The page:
Possibly the most noteworthy aspect of this release is the apparent inclusion of a Dolby Digital 5.1 track, which would have set it apart from the previous special editions. Unfortunately it is one of the worst six-speaker efforts I have come across, being little more than a glorified stereo track. Although resoundingly disappointing, since it is the best thing that we have at the moment, we have to make the most of it. With clear dialogue and a reasonable presentation of the haunting score and the effects, it will suffice for the moment, but other than a few moments where the sub or surrounds see some action this is a strictly frontal affair.

Deer Hunter: Special Edition, The


First up we get an audio commentary by the director himself, Michael Cimino, who is often prompted by a random film critic who appears to be on board just to keep Cimino on track. His words often relate directly to the on screen actions, with him taking us through the proceedings in order, talking about how De Niro and the other cast members were actually tapping the steel themselves in the opening furnace sequence, how this movie was British-funded because America was not very interested in doing a Vietnam movie at the time, how De Niro was the first cast member they had on board and so forth. He talks about the impact of the short skip to 'Nam in the middle of the movie and the importance of the characters in this drama. It is an interesting affair that is well worth a listen.

Deer Hunter: Special Edition, The
Next we get three fifteen-minute interviews from the cast and crew. 'Realising The Deer Hunter' is an interview with director Michael Cimino, where he talks in depth about the production. It features far too much footage from the main film itself and offers little more than the commentary, other than getting to see the man himself. 'Shooting The Deer Hunter' is an interview with the cinematographer, Vilmos Zsigmond, who talks about the desaturated look that they wanted to achieve because the movie was supposed to be set in autumn, but how the April filming schedule made this difficult. Quite a technical offering. 'Playing The Deer Hunter' is an interview with actor John Savage, who played Stan. It is easily the most interesting of the three, with Savage relating stories about his father's experiences in World War II and how it was difficult to return to a normal life. Getting quite emotional at times, he first discusses how much fun the early half of the movie was—just lots of parties—and then goes on to explain the harrowing ordeal of the war sequences and the resulting tragedies.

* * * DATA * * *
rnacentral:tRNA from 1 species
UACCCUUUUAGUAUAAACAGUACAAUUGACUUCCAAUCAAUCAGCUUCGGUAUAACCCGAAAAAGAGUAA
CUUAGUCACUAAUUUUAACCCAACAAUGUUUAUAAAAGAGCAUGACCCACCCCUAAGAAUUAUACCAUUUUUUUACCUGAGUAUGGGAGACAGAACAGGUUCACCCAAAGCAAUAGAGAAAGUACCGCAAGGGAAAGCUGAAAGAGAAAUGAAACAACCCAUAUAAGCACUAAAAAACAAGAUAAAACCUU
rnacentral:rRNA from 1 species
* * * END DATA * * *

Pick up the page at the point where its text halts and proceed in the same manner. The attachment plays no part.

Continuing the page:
Finally we get the original theatrical trailer, which, during its two-minute runtime manages to tell pretty-much the entire story, spoilers included. I highly recommend you avoid this if you have not seen the movie.

Deer Hunter: Special Edition, The


The Deer Hunter is one of the greatest movies ever made. Everything about it is all-but perfect: the superior acting, the superb direction and beautiful cinematography, the amazing score and the compelling story, with an oft-quoted script. It is truly a classic and should be given the respect that it deserves, so a solid special edition DVD release is a must. Unfortunately Optimum have basically re-released the previous special edition with different artwork, a slightly superior video presentation and a lame Dolby Digital 5.1 track which is likely to only irritate fans. Still, if you haven’t already got this in your collection then technically this is the best edition available and thus there is no reason for you not to pick it up now. The Deer Hunter deserves a place in everybody’s film collection.